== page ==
The people at Razer where nice enough to send me a Razer Lycosa to review. I loved the idea since the only real “gaming” keyboard I had ever used was the Logitech G15, so I was excited to see how these two amazing boards would compare against each other.
This keyboard is very stylish, featuring tactile, laptop-style keys with non-slip coating, and a mirror-finish black bezel around the keys. All topped off with a nice blue glow illuminating through each key. There are three lighted modes; on, off and “WASD” cluster lit. I just don’t get the point of only having just those keys lit. Sure, they are the most used in almost all games, but don’t you also need to see the other keys? Just a little needless I think.
The touch panel for the media keys and lighting control is a nice addition, makes it feel much more high tech. However, because of how the keyboard is lit, it is not very uniform. Some of the keys are not lit as brightly as others, and the top-half of the media touch panel is slightly dim and can be hard to make out the symbols in a low-light environment.
The packaging and workmanship on the keyboard is very nice. It doesn’t have that processed feel that other companies usually have. You can tell Razer takes pride in their work and it shows in the final product. As always, Razer’s software is some of the best out there when it comes to functionality and ease of use. You can bind any key on the keyboard to whatever key/action you wish. The only down-side to this is that the Lycosa does not have dedicated keys for binds, so every key that you bind is taking the place of a standard keyboard key. There are some cases, for example, the F-keys, where this is not a big problem, but it would be nice to have keys so that you do not have to sacrifice functionality to create a bind.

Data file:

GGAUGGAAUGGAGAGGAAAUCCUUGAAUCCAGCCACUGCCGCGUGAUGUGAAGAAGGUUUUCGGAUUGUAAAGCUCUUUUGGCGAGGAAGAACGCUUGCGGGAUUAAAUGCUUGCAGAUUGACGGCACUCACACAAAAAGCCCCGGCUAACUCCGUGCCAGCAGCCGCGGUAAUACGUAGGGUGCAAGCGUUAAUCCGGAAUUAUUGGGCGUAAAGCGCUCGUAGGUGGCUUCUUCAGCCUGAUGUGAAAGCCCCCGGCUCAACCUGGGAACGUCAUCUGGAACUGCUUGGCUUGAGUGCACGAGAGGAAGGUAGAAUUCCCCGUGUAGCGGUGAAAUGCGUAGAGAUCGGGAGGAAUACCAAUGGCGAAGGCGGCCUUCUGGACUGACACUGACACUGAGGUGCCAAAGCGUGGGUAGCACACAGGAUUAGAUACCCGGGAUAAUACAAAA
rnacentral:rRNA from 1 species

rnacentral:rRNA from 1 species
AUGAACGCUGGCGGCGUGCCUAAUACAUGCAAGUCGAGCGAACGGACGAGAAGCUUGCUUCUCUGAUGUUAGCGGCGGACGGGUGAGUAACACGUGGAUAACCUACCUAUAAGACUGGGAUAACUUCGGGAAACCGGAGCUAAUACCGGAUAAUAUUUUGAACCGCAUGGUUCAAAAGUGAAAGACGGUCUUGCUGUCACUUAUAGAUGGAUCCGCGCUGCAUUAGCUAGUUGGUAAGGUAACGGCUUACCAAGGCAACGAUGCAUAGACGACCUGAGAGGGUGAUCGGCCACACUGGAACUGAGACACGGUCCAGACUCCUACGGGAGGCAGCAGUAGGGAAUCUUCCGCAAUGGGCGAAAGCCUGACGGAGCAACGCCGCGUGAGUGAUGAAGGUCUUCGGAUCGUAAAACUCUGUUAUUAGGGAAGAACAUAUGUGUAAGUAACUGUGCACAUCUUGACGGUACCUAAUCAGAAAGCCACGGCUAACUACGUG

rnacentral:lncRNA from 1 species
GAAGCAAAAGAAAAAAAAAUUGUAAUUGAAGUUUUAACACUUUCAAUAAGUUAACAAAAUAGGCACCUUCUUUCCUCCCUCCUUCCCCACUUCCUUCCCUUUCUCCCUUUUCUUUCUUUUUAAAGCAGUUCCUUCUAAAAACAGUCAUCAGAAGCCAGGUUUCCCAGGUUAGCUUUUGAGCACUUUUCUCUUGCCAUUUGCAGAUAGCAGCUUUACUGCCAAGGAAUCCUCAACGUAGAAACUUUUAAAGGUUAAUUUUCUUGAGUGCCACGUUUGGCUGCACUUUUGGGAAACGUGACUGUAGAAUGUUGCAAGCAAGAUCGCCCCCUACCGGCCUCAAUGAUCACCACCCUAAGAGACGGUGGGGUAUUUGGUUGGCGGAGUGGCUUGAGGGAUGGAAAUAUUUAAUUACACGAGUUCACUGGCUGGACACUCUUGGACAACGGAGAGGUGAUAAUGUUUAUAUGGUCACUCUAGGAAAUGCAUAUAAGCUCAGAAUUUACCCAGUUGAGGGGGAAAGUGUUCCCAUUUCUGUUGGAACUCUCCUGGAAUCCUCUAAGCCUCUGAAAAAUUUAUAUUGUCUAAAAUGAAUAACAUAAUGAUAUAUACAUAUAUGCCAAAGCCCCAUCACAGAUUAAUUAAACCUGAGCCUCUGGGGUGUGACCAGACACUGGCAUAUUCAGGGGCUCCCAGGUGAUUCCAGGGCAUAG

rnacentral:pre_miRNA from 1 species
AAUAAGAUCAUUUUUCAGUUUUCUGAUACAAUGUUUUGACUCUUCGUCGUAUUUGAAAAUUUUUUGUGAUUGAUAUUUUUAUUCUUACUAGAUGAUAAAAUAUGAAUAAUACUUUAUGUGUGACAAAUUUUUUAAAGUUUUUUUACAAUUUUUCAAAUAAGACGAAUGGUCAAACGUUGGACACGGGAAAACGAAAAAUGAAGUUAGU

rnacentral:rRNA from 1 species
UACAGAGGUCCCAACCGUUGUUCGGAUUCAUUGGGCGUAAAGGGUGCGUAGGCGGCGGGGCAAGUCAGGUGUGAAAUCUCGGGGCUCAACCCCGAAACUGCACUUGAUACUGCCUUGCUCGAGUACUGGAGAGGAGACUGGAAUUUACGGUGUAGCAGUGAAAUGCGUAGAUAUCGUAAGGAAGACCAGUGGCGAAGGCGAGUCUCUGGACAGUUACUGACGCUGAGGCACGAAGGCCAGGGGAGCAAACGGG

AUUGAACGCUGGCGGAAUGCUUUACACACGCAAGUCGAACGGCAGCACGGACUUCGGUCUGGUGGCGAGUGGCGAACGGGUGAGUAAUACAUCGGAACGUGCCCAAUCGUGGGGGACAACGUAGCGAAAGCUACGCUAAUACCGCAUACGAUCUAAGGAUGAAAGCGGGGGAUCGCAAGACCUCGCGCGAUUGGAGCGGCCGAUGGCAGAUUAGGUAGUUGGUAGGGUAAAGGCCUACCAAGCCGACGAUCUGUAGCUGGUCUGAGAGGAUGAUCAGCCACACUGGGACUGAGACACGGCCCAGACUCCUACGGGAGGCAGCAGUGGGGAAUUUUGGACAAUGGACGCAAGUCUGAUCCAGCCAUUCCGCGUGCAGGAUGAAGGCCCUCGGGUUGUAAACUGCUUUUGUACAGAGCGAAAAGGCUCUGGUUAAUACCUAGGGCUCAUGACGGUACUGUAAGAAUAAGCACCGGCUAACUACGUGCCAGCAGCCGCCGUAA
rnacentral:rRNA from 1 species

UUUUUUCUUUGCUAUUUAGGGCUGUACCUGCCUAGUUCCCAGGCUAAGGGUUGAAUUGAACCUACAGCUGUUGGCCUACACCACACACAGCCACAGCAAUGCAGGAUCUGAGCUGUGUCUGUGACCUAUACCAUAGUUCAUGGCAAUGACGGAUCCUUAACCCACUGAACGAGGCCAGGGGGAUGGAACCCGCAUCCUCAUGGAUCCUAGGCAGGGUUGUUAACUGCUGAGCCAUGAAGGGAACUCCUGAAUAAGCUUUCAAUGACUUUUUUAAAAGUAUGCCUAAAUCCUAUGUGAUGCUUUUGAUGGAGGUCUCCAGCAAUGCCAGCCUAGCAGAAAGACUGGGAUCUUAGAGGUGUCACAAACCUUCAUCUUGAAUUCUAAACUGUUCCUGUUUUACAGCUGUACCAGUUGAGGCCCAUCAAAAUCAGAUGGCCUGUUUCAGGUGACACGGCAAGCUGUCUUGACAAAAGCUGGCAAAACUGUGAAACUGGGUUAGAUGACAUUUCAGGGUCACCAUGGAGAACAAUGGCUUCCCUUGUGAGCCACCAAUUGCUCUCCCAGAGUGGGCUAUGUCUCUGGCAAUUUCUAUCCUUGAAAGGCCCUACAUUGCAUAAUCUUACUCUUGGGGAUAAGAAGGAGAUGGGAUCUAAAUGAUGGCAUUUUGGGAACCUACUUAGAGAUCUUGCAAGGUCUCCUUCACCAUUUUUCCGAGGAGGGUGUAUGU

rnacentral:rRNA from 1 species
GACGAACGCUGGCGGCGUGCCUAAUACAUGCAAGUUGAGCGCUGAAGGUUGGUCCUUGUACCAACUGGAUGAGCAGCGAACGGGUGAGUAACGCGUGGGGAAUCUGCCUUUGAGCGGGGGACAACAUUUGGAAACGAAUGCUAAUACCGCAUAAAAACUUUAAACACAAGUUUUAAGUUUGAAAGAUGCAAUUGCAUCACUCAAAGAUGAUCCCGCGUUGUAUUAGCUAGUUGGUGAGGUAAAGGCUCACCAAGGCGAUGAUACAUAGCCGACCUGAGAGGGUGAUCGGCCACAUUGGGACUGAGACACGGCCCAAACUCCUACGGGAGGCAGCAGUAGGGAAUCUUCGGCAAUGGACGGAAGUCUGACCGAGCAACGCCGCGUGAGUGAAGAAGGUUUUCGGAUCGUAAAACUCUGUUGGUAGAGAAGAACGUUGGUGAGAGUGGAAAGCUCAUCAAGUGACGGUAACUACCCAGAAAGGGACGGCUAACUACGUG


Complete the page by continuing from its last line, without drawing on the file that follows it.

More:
The Lycosa is very well thought out as a gamer’s keyboard. It is has media controls, back-lit keys, non-slip coatings, and much more. Yet another thing it can add to it’s collection of features is extra ports. Lots of new gaming keyboards offer this, but the Lycosa has a full speed USB 2.0 port, where as most keyboards have just a USB 1.1 port. It also has ports for both input and output audio. Great features, even if it does make connecting the keyboard to your computer a bit more confusing with the extra cables you must plug in, but they are optional. If you simply don’t want the extra ports, don’t plug the extra cables in.
So, in finishing, it’s a great keyboard, for gaming or otherwise. It’s comfortable and very functional. For me though, the G15 is a much better choice. Partly because it actually has keys devoted to being bound to whatever you wish, without taking the function away from any regular keys. But because I’ve found myself relying on the LCD so much, it has made the G15 a must-have for me. But, if I had a second monitor, I believe that the Lycosa could possibly be my choice.